Amazingly, the three astronauts were in no hurry to get back to Earth. Jones’ story details the minutia of orbital life, and his descriptions of the isolation and leisurely¬†pace¬†of life in space, compared to our hectic lives on¬†Earth, were really eye-opening. I could definitely understand the attraction of the ISS for these men and why they were reluctant to leave. Jones’ descriptions of how the astronauts strapped themselves down to a dinner table in order to eat in a quasi-traditional way, and how tasteless food can become for astronauts due to stuffed nasal passages were¬†hilarious. I loved how astronauts would use packets of taco sauce as collateral on board, sprinkling it even onto Rice Krispies just so they could taste something. His detailing of the Columbia disaster and its aftermath, as well as the dangers inherent in space travel and space walking were very vivid. I appreciated how brave astronauts have to be to help us learn more about how we can live and travel in space.

I really enjoyed this book overall. It wasn’t too technical and gave a great overview of what it would be like to be an astronaut and¬†live in space. Even after their traumatic trip home, Don Pettit has returned to space twice more and is currently residing again on the ISS.

Grade: A

The Emperor of All Maladies: A Biography of Cancer….Siddhartha Mukherjee

Dr Siddhartha Mukherjee, oncologist and researcher

Every once in a while, I get lucky (no, not THAT kind of lucky….well, okay, that kind of lucky¬†too¬†:). I pick up a book that I’ve been putting off reading for ages, and become so completely captivated by it that by the end of it I am mentally beating myself for waiting so long to read it, and am also¬†left wondering how anything I read after it will even¬†stand a chance at being interesting. Siddhartha Mukherjee’s The Emperor of All Maladies, a wonderful book about the history of cancer throughout the ages, is that book.¬†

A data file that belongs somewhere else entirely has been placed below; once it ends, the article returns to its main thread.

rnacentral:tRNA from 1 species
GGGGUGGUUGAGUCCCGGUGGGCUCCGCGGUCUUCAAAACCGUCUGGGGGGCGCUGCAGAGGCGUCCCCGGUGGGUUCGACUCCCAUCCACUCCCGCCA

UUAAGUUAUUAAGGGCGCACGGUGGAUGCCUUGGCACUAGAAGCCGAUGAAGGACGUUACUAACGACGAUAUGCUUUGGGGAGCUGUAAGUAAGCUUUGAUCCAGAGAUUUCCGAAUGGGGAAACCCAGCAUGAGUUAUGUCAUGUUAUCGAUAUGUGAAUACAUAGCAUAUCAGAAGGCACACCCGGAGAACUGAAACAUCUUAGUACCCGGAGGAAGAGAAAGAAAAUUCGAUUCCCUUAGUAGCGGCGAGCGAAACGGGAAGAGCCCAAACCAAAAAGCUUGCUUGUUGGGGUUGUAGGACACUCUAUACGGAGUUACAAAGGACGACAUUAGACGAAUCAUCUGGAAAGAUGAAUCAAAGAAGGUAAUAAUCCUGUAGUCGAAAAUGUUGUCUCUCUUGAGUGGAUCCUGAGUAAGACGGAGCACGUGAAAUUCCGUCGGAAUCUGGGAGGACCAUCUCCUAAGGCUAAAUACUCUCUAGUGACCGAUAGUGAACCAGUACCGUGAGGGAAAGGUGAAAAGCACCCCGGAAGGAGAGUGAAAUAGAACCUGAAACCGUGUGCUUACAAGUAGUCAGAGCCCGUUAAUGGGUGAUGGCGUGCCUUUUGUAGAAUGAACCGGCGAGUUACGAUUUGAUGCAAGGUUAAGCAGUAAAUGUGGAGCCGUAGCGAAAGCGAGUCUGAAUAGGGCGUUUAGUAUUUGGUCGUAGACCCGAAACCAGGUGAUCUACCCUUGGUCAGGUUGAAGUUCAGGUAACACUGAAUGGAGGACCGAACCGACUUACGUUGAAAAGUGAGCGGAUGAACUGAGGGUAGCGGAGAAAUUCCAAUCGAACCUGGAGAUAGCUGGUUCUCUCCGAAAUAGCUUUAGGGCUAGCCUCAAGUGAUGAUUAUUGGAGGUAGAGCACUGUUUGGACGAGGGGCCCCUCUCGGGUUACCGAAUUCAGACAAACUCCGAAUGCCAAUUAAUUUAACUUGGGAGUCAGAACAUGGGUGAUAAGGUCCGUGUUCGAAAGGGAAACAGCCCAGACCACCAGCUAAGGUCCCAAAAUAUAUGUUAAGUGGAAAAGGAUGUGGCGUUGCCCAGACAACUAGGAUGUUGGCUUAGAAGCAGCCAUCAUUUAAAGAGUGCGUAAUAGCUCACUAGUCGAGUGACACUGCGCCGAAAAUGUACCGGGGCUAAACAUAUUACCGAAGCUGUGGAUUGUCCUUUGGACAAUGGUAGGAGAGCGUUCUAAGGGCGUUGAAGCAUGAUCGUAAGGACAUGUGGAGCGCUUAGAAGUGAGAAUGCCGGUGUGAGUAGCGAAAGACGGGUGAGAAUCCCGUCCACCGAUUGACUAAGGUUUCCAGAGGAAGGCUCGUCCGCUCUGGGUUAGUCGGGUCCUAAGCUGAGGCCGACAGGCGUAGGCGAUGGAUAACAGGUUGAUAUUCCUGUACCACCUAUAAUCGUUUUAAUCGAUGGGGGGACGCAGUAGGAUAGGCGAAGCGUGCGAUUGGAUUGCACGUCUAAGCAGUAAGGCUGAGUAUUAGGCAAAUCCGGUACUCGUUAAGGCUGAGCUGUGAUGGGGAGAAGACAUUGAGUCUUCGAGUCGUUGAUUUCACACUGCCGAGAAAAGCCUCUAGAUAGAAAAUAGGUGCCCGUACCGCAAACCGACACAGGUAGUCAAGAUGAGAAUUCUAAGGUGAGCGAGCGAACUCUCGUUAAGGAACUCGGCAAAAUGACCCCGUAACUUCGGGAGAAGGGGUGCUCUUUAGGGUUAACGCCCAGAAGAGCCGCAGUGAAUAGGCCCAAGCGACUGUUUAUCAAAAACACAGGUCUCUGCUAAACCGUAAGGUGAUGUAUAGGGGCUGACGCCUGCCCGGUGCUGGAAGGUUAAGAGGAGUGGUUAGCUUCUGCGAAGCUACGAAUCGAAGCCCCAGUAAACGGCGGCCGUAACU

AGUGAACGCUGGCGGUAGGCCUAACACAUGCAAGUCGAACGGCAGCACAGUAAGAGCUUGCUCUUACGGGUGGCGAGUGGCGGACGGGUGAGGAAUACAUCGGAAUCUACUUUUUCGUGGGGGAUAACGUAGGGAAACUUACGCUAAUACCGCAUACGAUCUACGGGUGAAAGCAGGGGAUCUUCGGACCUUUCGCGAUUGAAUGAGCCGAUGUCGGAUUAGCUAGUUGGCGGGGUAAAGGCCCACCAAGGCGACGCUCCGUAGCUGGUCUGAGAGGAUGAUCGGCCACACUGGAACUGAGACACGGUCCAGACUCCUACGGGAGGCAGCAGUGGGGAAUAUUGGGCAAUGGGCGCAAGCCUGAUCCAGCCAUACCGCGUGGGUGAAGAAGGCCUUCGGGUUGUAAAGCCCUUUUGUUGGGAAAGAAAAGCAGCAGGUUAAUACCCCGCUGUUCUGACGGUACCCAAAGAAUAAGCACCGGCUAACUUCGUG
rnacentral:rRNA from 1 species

Dr Mukherjee, a cancer physician and researcher, takes us on a whirlwind journey through the history of cancer, beginning with its first known description in the literature in ancient Egypt, all the way to the most cutting edge therapies currently being developed to fight cancer. It was amazing to see how far we have come in our knowledge about cancer cells and how to best combat them. Decades of research on cancer found that the cells that can cause cancer are in each and every one of us, located on genes in our DNA, which is one reason cancers can be seen in families, needing only a random mutation in a chromosome or an external agent like tobacco smoke, radiation or asbestos, to activate those dormant genes and begin the uncontrolled cell division that is cancer. It was amazing to see how even small discoveries that researchers spent their entire careers on helped to generate bigger and more important discoveries later on. It was like seeing pieces of a puzzle fall into place.

I was also fascinated by the newest drugs used to fight cancer, known as targeted therapies. In the olden days, cytotoxic (cell killing) chemotherapies were used to fight off cancer. The problem was that these drugs not only killed the cancer cells, but sometimes killed other cells too, and had yucky side effects. Some of these cytotoxic chemotherapies could also cause different kinds of cancers later on. Many of these older chemotherapies could not get into specific parts of the body where cancer cells would hide, so relapses would inevitably occur, and the cancer would come back worse than ever, AND resistant to the previous chemotherapy. Once researchers determined the shapes and chemical compositions of specific cancer cells, they could develop new drugs specifically made to bond with and kill the cancer cells only, leaving other healthy cells alone and with fewer side effects.